A lot or a little?
The parents' guide to what's in this movie.
What parents need to know
Parents need to know that while Fluke was originally marketed as a family film, it includes several deaths and many scenes in which people lose or mourn their loved ones. The principal animals are in danger throughout -- subjected to cruelty, abandonment, a medical lab experiment, and harsh capture. Though it is not religiously or philosophically explored, a light-hearted acceptance of reincarnation is at the heart of this film so that the human hero, as a dog, can take a second look at his life. Generally, despite the lovably talented dogs, this is an often confusing, very sad film that may be upsetting to young kids, sensitive kids, and animal-lovers of any age.
- Parents say
- Kids say
There aren't any reviews yet. Be the first to review this title.
What's the story?
Just after a strangely violent car accident in which Tom (Matthew Modine), a young husband and father, is killed, a puppy is born. FLUKE is no ordinary puppy. Flashes of memory, people, and places reveal to the little dog that he's really Tom! And he's come back to life because the wife and son he left behind may be in great danger from the man who caused the accident. Scared, alone, and homeless, Fluke discovers that he has to save himself before he can save his family. He's captured, rescued, abandoned, and captured again. Along the way, he meets some extraordinary characters: a courageous mutt named Rumbo (voiced by Samuel T. Jackson), a frail down-and-out street woman, along with assorted defenders and villains who manage to complicate his every move. Making his way home at last, Fluke makes an astonishing discovery and learns more about those he loved, those he feared, and, most of all, himself than he ever knew before.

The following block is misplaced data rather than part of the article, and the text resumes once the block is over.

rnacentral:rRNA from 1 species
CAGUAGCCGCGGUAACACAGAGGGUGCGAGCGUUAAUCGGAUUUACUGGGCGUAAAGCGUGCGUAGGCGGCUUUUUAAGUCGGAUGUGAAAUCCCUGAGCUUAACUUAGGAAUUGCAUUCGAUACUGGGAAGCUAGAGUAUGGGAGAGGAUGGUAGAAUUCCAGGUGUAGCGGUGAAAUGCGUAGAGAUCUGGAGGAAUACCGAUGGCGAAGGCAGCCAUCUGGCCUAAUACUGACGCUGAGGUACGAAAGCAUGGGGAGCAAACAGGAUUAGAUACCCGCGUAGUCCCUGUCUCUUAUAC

Is it any good?
There's an earnest, heart-warming story about the value of an examined life somewhere in Fluke. The movie is well-acted with wonderful music, surprises, and performances -- especially from Comet, one of the most enchanting canine actors ever to grace the screen. But death and danger abound, and are delivered with cruelty, brutality, and lots of sadness.
Viewers, especially young ones, may be in constant fear for Fluke's life and well-being. Some challenging issues are introduced as well: medical experiments using animals, reincarnation, and homelessness. Families with older or mature kids would do well to watch Fluke with them. It may spark discussion, and it certainly will have an emotional impact.
Talk to your kids about ...
Families can talk about the audience for this movie. Who do you think the filmmakers made this for? How can you tell who the intended audience is? Do you think the content is appropriate for the intended age?
Often it seems that a movie with animals in danger or killed is scarier and harder to watch than those involving people in peril. Is this true for you? Why do you think we become so heavily invested in the animals?
What does the scene in the medical laboratory tell you about the filmmaker's view of using animals for research experiments? Do you think it's realistic? Where would you look to find out more about the issue?
- In theaters: June 2, 1995
- On DVD or streaming: March 6, 2001
- Cast: Matthew Modine, Max Pomeranc, Nancy Travis
- Director: Carlo Carlei
- Studio: MGM/UA
- Genre: Fantasy
- Topics: Magic and Fantasy, Cats, Dogs, and Mice
- Run time: 96 minutes
- MPAA rating: PG
- MPAA explanation: mild language and thematic elements
- Last updated: March 13, 2020
Our editors recommend
For kids who love animals
Themes & Topics
Browse titles with similar subject matter.
Top advice and articles
Common Sense Media's unbiased ratings are created by expert reviewers and aren't influenced by the product's creators or by any of our funders, affiliates, or partners.
Streaming options powered by JustWatch